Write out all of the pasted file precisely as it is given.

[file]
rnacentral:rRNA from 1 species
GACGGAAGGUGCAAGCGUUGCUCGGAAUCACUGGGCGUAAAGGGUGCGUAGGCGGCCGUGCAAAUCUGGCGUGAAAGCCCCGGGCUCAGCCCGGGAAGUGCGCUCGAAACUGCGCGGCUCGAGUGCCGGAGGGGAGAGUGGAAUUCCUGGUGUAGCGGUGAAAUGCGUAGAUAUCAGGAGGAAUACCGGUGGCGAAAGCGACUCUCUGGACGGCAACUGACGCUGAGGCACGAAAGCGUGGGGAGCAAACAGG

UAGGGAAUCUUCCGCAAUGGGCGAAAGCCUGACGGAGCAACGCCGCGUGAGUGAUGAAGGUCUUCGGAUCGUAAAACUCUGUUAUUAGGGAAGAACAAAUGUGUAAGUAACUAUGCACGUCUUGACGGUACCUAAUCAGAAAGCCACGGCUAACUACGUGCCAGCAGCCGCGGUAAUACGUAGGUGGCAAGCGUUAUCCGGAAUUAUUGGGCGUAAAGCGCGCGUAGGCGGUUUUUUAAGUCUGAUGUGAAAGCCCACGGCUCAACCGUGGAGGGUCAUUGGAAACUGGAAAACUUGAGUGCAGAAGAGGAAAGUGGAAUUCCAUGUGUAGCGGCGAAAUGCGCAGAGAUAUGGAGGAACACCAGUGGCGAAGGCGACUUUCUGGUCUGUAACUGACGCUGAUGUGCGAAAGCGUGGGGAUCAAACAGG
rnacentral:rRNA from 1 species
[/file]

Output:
rnacentral:rRNA from 1 species
GACGGAAGGUGCAAGCGUUGCUCGGAAUCACUGGGCGUAAAGGGUGCGUAGGCGGCCGUGCAAAUCUGGCGUGAAAGCCCCGGGCUCAGCCCGGGAAGUGCGCUCGAAACUGCGCGGCUCGAGUGCCGGAGGGGAGAGUGGAAUUCCUGGUGUAGCGGUGAAAUGCGUAGAUAUCAGGAGGAAUACCGGUGGCGAAAGCGACUCUCUGGACGGCAACUGACGCUGAGGCACGAAAGCGUGGGGAGCAAACAGG

UAGGGAAUCUUCCGCAAUGGGCGAAAGCCUGACGGAGCAACGCCGCGUGAGUGAUGAAGGUCUUCGGAUCGUAAAACUCUGUUAUUAGGGAAGAACAAAUGUGUAAGUAACUAUGCACGUCUUGACGGUACCUAAUCAGAAAGCCACGGCUAACUACGUGCCAGCAGCCGCGGUAAUACGUAGGUGGCAAGCGUUAUCCGGAAUUAUUGGGCGUAAAGCGCGCGUAGGCGGUUUUUUAAGUCUGAUGUGAAAGCCCACGGCUCAACCGUGGAGGGUCAUUGGAAACUGGAAAACUUGAGUGCAGAAGAGGAAAGUGGAAUUCCAUGUGUAGCGGCGAAAUGCGCAGAGAUAUGGAGGAACACCAGUGGCGAAGGCGACUUUCUGGUCUGUAACUGACGCUGAUGUGCGAAAGCGUGGGGAUCAAACAGG
rnacentral:rRNA from 1 species